In 2008, National Governors’ Association, the Council of Chief State School Officers, and Achieve, Inc. convened an advisory group consisting of governors, state commissioners of education, business leaders, researchers, former federal officials, and state and local officials. Their task was to investigate what states would need to do to have standards that rival those of top-performing countries.

Their report, Benchmarking for Success: Ensuring U.S. Students Receive a World-Class Education, called on states to upgrade their standards by “adopting a common core of internationally benchmarked standards in math and language arts for grades K-12.” William Schmidt, University Distinguished Professor at Michigan State University, laid out in the report the key elements of standards in high-performing countries: focus, rigor, and coherence.

Meanwhile in the United States, it is commonly said that standards are “a mile wide and an inch deep.” In other words, the old standards strived to cover too many topics, which are repeated across various grades, leaving American students lagging years behind their counterparts in other parts of the world.

The OECD agrees. It found that the high expectations and standards set by high-performing countries are helping to:

  • “Establish rigorous, focused and coherent content at all grade levels
  • Reduce overlap in curricula across grades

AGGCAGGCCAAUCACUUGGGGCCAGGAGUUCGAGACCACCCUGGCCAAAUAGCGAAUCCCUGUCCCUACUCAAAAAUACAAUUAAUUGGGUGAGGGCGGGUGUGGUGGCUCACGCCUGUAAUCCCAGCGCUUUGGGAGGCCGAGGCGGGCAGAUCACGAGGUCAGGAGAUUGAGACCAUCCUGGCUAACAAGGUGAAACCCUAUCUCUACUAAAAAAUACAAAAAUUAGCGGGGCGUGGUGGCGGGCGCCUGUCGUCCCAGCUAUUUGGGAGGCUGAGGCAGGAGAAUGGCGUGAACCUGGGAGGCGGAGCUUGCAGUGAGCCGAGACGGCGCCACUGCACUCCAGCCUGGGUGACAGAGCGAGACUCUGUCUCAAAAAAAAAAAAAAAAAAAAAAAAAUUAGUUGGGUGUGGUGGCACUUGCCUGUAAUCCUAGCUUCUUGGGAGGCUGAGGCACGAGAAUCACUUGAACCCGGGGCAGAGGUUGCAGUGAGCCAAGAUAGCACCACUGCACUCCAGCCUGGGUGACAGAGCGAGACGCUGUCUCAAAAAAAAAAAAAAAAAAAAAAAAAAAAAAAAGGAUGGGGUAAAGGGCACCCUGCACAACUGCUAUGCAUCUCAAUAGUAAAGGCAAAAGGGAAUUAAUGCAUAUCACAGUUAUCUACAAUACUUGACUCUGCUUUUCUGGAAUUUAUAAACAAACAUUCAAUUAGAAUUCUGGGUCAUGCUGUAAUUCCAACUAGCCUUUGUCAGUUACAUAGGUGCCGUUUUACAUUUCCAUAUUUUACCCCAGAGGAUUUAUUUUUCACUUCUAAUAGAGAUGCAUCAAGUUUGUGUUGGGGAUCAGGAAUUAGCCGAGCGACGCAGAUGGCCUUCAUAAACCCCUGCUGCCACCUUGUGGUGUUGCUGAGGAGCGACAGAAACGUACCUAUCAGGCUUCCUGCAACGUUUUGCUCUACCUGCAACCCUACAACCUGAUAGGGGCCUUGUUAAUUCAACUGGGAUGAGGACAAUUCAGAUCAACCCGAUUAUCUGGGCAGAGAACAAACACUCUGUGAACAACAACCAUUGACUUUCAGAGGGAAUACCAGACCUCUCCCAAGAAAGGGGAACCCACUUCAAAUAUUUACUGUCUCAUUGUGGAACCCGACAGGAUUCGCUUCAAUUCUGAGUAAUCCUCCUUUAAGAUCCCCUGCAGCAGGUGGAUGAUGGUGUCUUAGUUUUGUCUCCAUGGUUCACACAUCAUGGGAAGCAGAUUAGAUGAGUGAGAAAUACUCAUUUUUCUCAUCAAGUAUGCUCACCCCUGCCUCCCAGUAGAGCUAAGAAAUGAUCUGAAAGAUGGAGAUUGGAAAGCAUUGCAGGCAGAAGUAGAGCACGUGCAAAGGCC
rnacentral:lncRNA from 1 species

• Reduce variation in implemented curricula across classrooms
  • Facilitate coordination of various policy drivers, ranging from curricula to teacher training
  • Reduce inequality in curricula across socio-economic groups.”

Singapore and China are two good examples of countries with rigorous standards. Each has a strong early focus on math and science. Singapore also ensures students have a strong foundation in world languages. In both countries, teachers receive strong subject-matter preparation and continuing professional development opportunities.

In most, but not all high-performing countries, a central curriculum accompanies the standards. This helps to ensure consistency in teacher training and implementation. For instance, Australia has recently developed national standards and curriculum, along with a range of resources available online to support implementation.